To Top

Meet Manuel Gomez

Today we’d like to introduce you to Manuel Gomez.

Hi Manuel, it’s an honor to have you on the platform. Thanks for taking the time to share your story with us – to start maybe you can share some of your backstory with our readers?
I was born into instability. My mother was schizophrenic, and my dad was an alcoholic. I felt insufficient in my upbringing and was never good enough for my dad. I always live a life of uncertainty. It was unique to have my parents yet feel like I was parentless. My parents provided the basic needs to survive, and that was the extent. I never felt loved. This left me riddled with insecurity. So much so that I wanted to escape. Living in Arizona, I chose the U.S. Navy as my way out. Knowing the ocean was the farthest place from the desert. I loved my time in the Navy. However, circumstances beyond my control derailed my service. During a deployment, I contracted a unique form of tuberculosis called scrofula. My service was cut short. Dealing with the physical changes and limitations reduced my ability to serve as a whole. I dealt with PTSD, and this abruptly ended my service. I was separated unexpectedly without support. This augmented my insecurity about not feeling good enough; I turned to drugs to cope with the emptiness.

Even though I found my spouse during my service, her unwavering love was not enough to make me feel whole. The drugs led me to flunk out of nursing school after the service and down a path of destruction. I ended up in prison due to poor choices hitting rock bottom. During my incarceration, I reconnected with my faith and had to address my inner negative distorted beliefs. I had to come to terms with all the pain and suffering I caused my family to endure because of my mental health issues and addiction. I made deplorable choices and deserved to be in prison. I hurt a lot of people. Fortunately, I found myself in prison and embarked on a healing journey. Today I am working to be a better father and husband. Upon release from prison, I was allowed to work in social work. Someone gave me a shot, and I fell in love with social work. I am now in Grad school pursuing my MSW. I have been given opportunities to serve on the board of directors and am working towards healing. I still struggle to adjust and am trying to focus more on my family.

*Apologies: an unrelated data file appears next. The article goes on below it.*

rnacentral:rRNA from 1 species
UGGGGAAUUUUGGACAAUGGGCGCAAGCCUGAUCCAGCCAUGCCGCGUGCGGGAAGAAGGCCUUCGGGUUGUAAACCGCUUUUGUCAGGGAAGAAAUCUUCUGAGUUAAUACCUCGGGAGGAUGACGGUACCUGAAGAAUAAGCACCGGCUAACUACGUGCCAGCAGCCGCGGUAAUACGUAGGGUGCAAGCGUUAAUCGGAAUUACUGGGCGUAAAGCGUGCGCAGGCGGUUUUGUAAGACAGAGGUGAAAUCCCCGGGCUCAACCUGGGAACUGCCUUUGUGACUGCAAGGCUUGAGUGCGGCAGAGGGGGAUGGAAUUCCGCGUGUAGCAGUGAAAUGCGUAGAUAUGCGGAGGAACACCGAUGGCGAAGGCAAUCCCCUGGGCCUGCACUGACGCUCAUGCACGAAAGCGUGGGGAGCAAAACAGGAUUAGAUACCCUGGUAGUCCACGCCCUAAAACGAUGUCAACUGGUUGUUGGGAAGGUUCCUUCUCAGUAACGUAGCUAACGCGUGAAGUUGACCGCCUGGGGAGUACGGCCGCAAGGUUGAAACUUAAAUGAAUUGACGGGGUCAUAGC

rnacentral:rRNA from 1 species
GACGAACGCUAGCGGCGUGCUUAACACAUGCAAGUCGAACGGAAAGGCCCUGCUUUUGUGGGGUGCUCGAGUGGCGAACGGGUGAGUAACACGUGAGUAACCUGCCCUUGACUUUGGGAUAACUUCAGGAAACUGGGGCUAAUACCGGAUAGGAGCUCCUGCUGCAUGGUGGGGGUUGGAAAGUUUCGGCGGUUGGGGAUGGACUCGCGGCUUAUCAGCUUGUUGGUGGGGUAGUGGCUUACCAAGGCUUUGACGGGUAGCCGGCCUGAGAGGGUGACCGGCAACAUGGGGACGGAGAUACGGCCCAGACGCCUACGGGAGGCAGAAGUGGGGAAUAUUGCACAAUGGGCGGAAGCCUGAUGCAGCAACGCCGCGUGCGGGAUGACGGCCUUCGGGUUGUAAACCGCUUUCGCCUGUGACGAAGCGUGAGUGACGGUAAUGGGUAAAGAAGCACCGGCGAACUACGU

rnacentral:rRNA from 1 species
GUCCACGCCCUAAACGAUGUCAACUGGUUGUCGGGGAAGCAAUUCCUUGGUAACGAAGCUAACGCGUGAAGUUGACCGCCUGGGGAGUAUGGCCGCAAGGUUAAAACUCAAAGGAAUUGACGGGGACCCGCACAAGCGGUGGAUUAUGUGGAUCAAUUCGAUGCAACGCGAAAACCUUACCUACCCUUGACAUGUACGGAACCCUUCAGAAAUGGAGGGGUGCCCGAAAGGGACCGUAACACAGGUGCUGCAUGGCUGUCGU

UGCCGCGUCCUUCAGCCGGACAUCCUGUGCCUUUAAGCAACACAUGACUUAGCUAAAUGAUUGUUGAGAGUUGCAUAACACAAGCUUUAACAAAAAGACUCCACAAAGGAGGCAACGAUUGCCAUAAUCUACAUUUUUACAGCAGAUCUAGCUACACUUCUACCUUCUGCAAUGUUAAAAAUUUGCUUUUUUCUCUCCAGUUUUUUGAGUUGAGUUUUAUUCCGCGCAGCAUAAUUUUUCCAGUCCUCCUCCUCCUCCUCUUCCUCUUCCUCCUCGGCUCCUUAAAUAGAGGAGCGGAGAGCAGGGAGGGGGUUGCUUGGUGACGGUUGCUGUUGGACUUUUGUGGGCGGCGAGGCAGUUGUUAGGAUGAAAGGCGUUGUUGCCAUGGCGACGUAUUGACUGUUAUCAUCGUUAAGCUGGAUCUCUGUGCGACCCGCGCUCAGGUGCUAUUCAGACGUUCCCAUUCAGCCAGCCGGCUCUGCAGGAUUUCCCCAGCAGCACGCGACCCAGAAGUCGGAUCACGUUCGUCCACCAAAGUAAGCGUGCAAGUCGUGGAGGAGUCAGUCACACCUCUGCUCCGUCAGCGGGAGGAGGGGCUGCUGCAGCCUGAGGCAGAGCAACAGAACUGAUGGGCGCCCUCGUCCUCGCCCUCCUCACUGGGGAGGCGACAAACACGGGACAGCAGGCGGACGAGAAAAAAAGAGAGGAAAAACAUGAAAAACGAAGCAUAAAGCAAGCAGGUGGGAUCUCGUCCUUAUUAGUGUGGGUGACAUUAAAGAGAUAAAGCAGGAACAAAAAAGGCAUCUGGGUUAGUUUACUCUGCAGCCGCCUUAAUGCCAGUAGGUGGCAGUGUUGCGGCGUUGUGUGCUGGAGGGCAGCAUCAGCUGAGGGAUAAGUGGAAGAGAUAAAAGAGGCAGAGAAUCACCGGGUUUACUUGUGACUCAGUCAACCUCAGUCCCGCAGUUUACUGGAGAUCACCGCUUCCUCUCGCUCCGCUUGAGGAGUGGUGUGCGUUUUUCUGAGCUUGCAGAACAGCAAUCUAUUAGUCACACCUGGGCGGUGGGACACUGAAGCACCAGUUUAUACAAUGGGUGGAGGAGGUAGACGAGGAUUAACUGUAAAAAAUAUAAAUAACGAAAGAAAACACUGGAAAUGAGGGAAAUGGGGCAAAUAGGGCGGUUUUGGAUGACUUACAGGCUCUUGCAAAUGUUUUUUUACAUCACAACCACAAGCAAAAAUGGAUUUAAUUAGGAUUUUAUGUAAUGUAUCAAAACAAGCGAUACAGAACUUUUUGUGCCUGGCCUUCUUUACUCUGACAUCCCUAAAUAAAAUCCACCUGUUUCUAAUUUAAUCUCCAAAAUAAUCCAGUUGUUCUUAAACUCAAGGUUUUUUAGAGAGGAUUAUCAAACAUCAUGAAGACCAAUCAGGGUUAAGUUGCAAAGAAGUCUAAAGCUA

I’m sure you wouldn’t say it’s been obstacle free, but so far would you say the journey have been a fairly smooth road?
Life has not been a smooth road. I have been my worst enemy, my ego has gotten the best of me. I have always wanted to feel accepted. This has led to a bumpy road. Due to my faith, I understand that my journey is for a purpose. I have failed to realize I have the most amazing wife who has endured my bullshit for sixteen years. I owe her my life.

Appreciate you sharing that. What else should we know about what you do?
I currently work as a consultant assisting organizations develop programs that support formerly incarcerated individuals and military veterans re-enter society. It is my passion to assist individuals re-entering society discover the best versions of themselves. I have had many jobs since my release. All with a unifying theme of serving others.

Is there any advice you’d like to share with our readers who might just be starting out?
Everything is going to be ok. All problems are temporary. Practicing a life of love will always lead to happiness. I come from nothing. I didn’t come from an affluent background. My destiny was incarceration. I have learned that hard work pays off. If you are given an opportunity, exploit and ensure you use it as a platform for upward mobility. Never stop learning. Education is vital to extricate yourself out of socioeconomic factors that were imposed beyond your control.

Contact Info:

Suggest a Story: VoyageLA is built on recommendations from the community; it’s how we uncover hidden gems, so if you or someone you know deserves recognition please let us know here.

Leave a Reply

Your email address will not be published. Required fields are marked *

More in local stories